For additional information, please contact Media Relations Manager: Peter Cavagnaro at (510) 642-0365 or email@example.com.
Mandala: The Architecture of Enlightenment
July 19 through September 17, 2000
The University of California, Berkeley Art Museum and Pacific Film Archive is proud to present Mandala: The Architecture of Enlightenment, an exhibition of rare and exquisite works that opens on July 19 and runs through September 17, 2000. A mandala is an ancient Hindu and Buddhist graphic symbol of the universe—a cosmic diagram that functions as a powerful aid to meditation and concentration. This exhibition features more than forty mandalas and related objects, including sculptures and models of sacred spaces, from Tibet, Nepal, China, Japan, Bhutan, India, and Indonesia. It highlights the stunning artistry and diversity of this ancient art form, and explores the artistic genesis and religious role of the mandala in Buddhist belief.
Mandala: The Architecture of Enlightenment, co-organized by the Asia Society and Tibet House, is the first exhibition ever devoted to the multiple manifestations of the mandala throughout Asia. The mandala is likened by some to a "floor plan of the universe." The type most familiar in the West is an intricately patterned painting on cloth or paper that often takes the general form of a circle within a square. The word "mandala" comes from the Sanskrit verbal root "mand" (meaning to mark off, decorate, set off) and the suffix "la" (meaning circle, essence, sacred center).
Many of the works in this exhibition are very rare examples of Tibetan art, much of which has been destroyed following the Chinese invasion of Tibet in the 1950s. Dr. Robert A.F. Thurman, co-curator of the exhibition, estimates that up to 90 percent of Tibetan art has been lost. Of the remainder, Thurman estimates that 2 to 3 percent is in Western collections, another 2 to 3 percent is still in Tibet, and 5 percent is circulating in the world's art markets. Exhibitions such as this help raise awareness of Tibetan culture and the richness and enormous significance of the artifacts that still survive.
According to Vishakha N. Desai, Vice President for Cultural Programs and Director of the Asia Society Galleries, the symbolic power of the mandala can be traced back to millennia-old roots in Indian temple architecture: "In the context of Buddhism, a mandala functions as an aid to meditation and concentration, helping believers visualize the universe and their place in it, often in relation to a specific deity found in the center of the image."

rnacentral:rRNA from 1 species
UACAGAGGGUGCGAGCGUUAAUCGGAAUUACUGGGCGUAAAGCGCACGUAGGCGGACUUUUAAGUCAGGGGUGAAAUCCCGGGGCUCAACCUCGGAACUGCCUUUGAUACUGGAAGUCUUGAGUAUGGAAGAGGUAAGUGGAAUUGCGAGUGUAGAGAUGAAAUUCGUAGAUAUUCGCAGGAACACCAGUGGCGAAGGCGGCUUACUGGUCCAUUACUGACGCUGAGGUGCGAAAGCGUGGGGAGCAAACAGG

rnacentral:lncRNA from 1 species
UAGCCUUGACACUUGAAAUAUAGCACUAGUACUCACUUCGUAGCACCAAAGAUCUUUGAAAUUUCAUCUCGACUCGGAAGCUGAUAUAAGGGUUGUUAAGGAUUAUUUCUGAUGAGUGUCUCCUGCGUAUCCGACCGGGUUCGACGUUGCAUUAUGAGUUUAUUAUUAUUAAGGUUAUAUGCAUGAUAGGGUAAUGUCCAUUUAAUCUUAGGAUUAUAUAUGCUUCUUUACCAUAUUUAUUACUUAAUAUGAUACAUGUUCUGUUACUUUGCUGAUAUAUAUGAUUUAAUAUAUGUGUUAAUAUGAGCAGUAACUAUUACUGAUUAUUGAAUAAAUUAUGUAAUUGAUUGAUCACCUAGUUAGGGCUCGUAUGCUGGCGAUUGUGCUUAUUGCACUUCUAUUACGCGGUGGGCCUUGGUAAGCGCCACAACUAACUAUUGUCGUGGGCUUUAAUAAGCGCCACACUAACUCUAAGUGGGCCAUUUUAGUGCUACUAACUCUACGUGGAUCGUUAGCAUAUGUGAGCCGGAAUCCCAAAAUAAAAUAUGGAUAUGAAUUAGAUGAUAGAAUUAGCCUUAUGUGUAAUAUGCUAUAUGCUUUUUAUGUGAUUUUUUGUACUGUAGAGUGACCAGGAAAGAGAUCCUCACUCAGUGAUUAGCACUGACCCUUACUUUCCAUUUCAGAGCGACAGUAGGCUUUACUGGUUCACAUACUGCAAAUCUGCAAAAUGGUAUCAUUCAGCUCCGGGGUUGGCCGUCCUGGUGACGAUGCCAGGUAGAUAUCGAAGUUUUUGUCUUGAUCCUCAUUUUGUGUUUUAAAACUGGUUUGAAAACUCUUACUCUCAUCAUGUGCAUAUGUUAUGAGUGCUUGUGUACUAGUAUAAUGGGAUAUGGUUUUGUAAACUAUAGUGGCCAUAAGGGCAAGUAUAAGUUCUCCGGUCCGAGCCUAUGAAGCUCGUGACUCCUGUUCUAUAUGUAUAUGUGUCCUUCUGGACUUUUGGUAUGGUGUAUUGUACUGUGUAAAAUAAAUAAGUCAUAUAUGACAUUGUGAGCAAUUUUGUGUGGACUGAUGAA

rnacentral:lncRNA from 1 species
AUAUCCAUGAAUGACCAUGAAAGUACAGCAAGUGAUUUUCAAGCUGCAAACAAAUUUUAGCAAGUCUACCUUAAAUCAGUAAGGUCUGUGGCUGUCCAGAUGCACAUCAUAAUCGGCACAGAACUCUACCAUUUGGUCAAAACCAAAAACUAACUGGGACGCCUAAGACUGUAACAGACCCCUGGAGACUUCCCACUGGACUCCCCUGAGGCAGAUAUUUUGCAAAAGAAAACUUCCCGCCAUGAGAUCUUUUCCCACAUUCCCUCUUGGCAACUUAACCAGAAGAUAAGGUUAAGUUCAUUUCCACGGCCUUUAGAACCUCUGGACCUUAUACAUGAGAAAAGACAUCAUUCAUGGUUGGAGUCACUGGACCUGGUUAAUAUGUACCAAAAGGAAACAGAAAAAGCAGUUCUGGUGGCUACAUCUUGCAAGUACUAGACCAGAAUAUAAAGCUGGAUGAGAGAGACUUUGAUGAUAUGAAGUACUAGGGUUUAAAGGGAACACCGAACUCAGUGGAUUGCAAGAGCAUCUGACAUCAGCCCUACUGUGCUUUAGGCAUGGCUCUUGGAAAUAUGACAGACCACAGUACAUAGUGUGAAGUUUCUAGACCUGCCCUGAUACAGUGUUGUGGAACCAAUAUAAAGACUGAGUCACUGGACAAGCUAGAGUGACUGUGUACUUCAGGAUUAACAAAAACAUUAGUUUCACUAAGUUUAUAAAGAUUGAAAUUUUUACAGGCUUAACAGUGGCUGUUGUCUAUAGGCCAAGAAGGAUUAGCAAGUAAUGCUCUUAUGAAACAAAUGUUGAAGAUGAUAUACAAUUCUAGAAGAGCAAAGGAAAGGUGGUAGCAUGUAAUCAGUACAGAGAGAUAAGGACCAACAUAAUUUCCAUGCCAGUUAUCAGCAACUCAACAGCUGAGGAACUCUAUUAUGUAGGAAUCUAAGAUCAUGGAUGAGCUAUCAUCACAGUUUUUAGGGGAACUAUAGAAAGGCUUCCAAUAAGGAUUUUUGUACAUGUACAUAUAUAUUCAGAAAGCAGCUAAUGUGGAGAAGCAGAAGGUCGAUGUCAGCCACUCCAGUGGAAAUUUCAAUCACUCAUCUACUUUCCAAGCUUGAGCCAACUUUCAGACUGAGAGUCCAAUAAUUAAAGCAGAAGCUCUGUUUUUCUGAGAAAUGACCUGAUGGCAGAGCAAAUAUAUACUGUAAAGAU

The mandalas on display at the UC Berkeley Art Museum track the evolution of the symbol throughout Asia under the influence of various religious and artistic traditions. Some of these works are exceptionally rare. Some are exquisitely complex, others quite simple. A portable soapstone model of a stone temple found in tenth-century India is one kind of mandala; another is the Tibetan assemblage of miniature bronze deities that resembles a sacred chess set. An Edo period Japanese star mandala shows Amitabha, the Buddha of Infinite Light, seated on a lotus with flaming jewels, painted in gold and colors on wood. The round shape may derive from circular metal plaques that decorated Shinto shrines. More contemporary mandalas made from thread offer proof of the continuing vitality of the mandala and its role in Buddhist devotions.
The Museum will present a series of programs in conjunction with the exhibition Mandala: The Architecture of Enlightenment. On Sunday, July 23, at 3 pm, the acclaimed Tibetan ensemble Chaksampa will give a musical performance in Gallery B. In addition to vocal music, the musicians —all graduates of the Tibetan Institute of Performing Arts in Dharamsala, India—will play traditional Tibetan instruments: the dranyen (Tibetan lute), lingbu (bamboo flute), and piwang (violin).
On Sunday, September 10, at 3 pm, Robert A.F. Thurman, co-curator of Mandala: The Architecture of Enlightenment, will give a lecture illustrating aspects of the exhibition and issues arising from it, in 155 Dwinelle Hall, UC Berkeley campus (PLEASE NOTE NEW VENUE). Admission: $7 general admission, $5 UCB faculty/staff and non-UCB students, $3 BAM/PFA members and UCB students. Advance tickets strongly recommended; call (510) 643-2219.
Guided tours of the exhibition will be offered by UC Berkeley Art History graduate student Boreth Ly on Thursday, July 20, September 7 and September 14 at 12:15 pm, and all Sundays for the exhibition's duration at 2 pm. There will be a sign-language interpreted tour of the exhibition on Saturday, August 19, at 1:30 pm.
An exhibition catalog is available at the Museum Store: Mandala The Architecture of Enlightenment, by
Denise Patry Leidy and Robert A.F. Thurman; $25 paperback. To order, call (510) 642-1475, or email firstname.lastname@example.org.
Also on view
Opening August 9, Paper Road Tibet: The Art of the Book, an exhibition devoted to printing and papermaking in Tibet, will be on view in the museum's Asian Galleries. Paper Road Tibet examines book-makers' art, and features printing blocks, printed prayer flags, door-protection images, sutra pages, wooden book covers, and metal buckles for book straps, as well as pens, cases, and ink pots from Tibet. These are supplemented by rare printed Tibetan images and books lent by UC Berkeley's East Asian Library. On Sunday, 15 October, at 3 pm, Sheila Keppel and Carol Brighton will offer a walkthrough of this exhibition, followed by a papermaking demonstration.